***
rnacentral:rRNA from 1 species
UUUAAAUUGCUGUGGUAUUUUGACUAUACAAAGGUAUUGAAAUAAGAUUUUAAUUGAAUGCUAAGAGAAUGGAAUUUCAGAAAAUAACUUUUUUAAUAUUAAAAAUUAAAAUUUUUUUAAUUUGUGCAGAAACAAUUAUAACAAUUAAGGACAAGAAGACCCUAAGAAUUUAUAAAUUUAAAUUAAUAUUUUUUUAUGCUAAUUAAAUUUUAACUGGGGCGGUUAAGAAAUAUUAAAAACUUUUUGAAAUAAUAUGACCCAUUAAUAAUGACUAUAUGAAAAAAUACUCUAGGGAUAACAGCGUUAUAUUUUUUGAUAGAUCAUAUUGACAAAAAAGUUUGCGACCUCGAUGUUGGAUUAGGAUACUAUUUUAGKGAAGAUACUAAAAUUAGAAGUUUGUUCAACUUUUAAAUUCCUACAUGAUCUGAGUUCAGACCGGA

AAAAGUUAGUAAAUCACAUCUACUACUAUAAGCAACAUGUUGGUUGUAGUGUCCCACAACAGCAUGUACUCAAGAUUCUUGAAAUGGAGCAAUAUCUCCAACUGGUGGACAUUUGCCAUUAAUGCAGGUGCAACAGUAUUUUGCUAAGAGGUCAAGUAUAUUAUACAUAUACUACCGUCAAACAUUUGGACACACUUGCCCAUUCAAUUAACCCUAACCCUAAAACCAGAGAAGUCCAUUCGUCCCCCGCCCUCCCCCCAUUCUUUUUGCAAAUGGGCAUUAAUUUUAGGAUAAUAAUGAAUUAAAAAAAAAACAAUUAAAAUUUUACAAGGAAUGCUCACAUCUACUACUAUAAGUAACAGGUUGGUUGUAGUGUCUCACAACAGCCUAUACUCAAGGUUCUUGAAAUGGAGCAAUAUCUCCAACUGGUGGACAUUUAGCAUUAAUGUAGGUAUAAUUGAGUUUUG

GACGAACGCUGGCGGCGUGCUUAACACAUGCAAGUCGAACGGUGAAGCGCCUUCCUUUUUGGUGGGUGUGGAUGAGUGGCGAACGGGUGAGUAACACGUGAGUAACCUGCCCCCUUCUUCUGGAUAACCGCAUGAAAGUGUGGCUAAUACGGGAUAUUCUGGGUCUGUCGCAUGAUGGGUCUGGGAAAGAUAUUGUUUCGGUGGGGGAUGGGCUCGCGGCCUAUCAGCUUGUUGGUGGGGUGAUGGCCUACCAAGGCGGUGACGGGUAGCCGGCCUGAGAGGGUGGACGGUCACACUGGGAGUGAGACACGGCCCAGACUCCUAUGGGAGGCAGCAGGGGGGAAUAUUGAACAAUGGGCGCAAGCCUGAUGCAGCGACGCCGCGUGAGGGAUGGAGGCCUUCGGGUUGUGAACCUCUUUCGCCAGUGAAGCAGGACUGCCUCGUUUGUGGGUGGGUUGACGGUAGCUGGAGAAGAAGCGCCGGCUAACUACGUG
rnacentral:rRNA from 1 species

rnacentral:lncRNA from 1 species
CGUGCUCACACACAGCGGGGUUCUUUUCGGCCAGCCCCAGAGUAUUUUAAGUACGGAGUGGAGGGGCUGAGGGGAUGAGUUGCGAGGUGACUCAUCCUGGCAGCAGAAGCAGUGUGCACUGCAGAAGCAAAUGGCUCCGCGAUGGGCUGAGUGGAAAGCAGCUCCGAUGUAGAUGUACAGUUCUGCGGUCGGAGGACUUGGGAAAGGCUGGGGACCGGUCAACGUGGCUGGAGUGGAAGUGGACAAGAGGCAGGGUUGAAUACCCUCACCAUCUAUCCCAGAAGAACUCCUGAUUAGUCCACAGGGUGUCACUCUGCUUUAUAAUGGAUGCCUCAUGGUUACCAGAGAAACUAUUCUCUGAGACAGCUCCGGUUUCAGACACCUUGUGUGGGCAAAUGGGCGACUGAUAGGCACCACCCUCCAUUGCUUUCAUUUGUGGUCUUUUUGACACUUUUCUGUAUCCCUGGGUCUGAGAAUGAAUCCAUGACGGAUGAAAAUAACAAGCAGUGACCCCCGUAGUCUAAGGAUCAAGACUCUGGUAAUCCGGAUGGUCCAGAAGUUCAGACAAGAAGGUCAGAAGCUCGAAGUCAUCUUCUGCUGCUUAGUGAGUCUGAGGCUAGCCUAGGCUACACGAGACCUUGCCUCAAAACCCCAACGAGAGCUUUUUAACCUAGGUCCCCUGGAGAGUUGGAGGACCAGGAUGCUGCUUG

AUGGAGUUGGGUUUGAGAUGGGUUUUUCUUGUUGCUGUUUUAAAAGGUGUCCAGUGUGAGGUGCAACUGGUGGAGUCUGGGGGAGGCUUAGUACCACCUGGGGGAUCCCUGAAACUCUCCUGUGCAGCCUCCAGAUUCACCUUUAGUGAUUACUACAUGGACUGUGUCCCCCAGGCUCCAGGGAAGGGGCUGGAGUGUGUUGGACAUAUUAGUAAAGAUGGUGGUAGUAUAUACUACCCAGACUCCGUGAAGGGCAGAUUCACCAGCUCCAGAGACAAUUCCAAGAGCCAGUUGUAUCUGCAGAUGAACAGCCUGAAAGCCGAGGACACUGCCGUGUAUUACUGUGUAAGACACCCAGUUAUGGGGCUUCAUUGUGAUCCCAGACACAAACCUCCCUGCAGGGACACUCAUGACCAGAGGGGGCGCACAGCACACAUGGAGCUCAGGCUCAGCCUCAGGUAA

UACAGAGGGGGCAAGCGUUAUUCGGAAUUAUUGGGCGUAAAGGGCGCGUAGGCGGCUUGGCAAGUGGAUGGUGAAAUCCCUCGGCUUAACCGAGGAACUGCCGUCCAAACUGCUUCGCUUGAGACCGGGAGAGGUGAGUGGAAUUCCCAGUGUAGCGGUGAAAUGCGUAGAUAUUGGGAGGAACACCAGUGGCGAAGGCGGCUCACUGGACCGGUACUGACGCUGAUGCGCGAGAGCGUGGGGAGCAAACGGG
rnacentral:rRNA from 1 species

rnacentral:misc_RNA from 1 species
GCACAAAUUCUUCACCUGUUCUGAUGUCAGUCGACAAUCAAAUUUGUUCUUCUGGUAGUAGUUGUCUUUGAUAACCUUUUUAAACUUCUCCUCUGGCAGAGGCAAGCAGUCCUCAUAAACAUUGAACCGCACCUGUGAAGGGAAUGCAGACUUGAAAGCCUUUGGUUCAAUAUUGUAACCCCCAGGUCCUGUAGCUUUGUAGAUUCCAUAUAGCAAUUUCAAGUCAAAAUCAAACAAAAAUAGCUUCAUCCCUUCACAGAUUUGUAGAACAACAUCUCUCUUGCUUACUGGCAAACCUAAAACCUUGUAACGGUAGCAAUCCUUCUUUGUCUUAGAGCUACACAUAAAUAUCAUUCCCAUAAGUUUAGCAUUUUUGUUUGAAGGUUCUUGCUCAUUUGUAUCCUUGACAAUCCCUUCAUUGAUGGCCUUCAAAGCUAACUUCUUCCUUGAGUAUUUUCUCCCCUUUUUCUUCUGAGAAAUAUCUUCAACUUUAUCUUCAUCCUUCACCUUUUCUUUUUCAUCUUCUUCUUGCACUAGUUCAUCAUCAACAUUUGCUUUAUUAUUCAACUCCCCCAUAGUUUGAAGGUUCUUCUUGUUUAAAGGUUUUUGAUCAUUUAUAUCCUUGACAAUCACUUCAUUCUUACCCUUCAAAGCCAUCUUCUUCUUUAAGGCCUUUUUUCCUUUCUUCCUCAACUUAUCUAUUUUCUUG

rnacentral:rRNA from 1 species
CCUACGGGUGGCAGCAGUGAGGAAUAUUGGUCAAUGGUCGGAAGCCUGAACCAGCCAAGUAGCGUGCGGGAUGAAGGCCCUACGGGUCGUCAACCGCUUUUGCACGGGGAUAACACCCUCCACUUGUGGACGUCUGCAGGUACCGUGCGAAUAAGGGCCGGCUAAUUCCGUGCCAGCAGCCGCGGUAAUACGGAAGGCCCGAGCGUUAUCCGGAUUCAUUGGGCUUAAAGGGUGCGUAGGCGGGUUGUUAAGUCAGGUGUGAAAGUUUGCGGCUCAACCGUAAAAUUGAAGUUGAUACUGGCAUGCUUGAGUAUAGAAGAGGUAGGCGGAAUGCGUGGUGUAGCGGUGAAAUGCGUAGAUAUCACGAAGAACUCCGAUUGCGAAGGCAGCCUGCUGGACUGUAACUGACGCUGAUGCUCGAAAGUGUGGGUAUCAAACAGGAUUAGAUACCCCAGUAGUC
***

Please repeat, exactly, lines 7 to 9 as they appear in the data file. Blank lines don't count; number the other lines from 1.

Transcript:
CGUGCUCACACACAGCGGGGUUCUUUUCGGCCAGCCCCAGAGUAUUUUAAGUACGGAGUGGAGGGGCUGAGGGGAUGAGUUGCGAGGUGACUCAUCCUGGCAGCAGAAGCAGUGUGCACUGCAGAAGCAAAUGGCUCCGCGAUGGGCUGAGUGGAAAGCAGCUCCGAUGUAGAUGUACAGUUCUGCGGUCGGAGGACUUGGGAAAGGCUGGGGACCGGUCAACGUGGCUGGAGUGGAAGUGGACAAGAGGCAGGGUUGAAUACCCUCACCAUCUAUCCCAGAAGAACUCCUGAUUAGUCCACAGGGUGUCACUCUGCUUUAUAAUGGAUGCCUCAUGGUUACCAGAGAAACUAUUCUCUGAGACAGCUCCGGUUUCAGACACCUUGUGUGGGCAAAUGGGCGACUGAUAGGCACCACCCUCCAUUGCUUUCAUUUGUGGUCUUUUUGACACUUUUCUGUAUCCCUGGGUCUGAGAAUGAAUCCAUGACGGAUGAAAAUAACAAGCAGUGACCCCCGUAGUCUAAGGAUCAAGACUCUGGUAAUCCGGAUGGUCCAGAAGUUCAGACAAGAAGGUCAGAAGCUCGAAGUCAUCUUCUGCUGCUUAGUGAGUCUGAGGCUAGCCUAGGCUACACGAGACCUUGCCUCAAAACCCCAACGAGAGCUUUUUAACCUAGGUCCCCUGGAGAGUUGGAGGACCAGGAUGCUGCUUG

AUGGAGUUGGGUUUGAGAUGGGUUUUUCUUGUUGCUGUUUUAAAAGGUGUCCAGUGUGAGGUGCAACUGGUGGAGUCUGGGGGAGGCUUAGUACCACCUGGGGGAUCCCUGAAACUCUCCUGUGCAGCCUCCAGAUUCACCUUUAGUGAUUACUACAUGGACUGUGUCCCCCAGGCUCCAGGGAAGGGGCUGGAGUGUGUUGGACAUAUUAGUAAAGAUGGUGGUAGUAUAUACUACCCAGACUCCGUGAAGGGCAGAUUCACCAGCUCCAGAGACAAUUCCAAGAGCCAGUUGUAUCUGCAGAUGAACAGCCUGAAAGCCGAGGACACUGCCGUGUAUUACUGUGUAAGACACCCAGUUAUGGGGCUUCAUUGUGAUCCCAGACACAAACCUCCCUGCAGGGACACUCAUGACCAGAGGGGGCGCACAGCACACAUGGAGCUCAGGCUCAGCCUCAGGUAA

UACAGAGGGGGCAAGCGUUAUUCGGAAUUAUUGGGCGUAAAGGGCGCGUAGGCGGCUUGGCAAGUGGAUGGUGAAAUCCCUCGGCUUAACCGAGGAACUGCCGUCCAAACUGCUUCGCUUGAGACCGGGAGAGGUGAGUGGAAUUCCCAGUGUAGCGGUGAAAUGCGUAGAUAUUGGGAGGAACACCAGUGGCGAAGGCGGCUCACUGGACCGGUACUGACGCUGAUGCGCGAGAGCGUGGGGAGCAAACGGG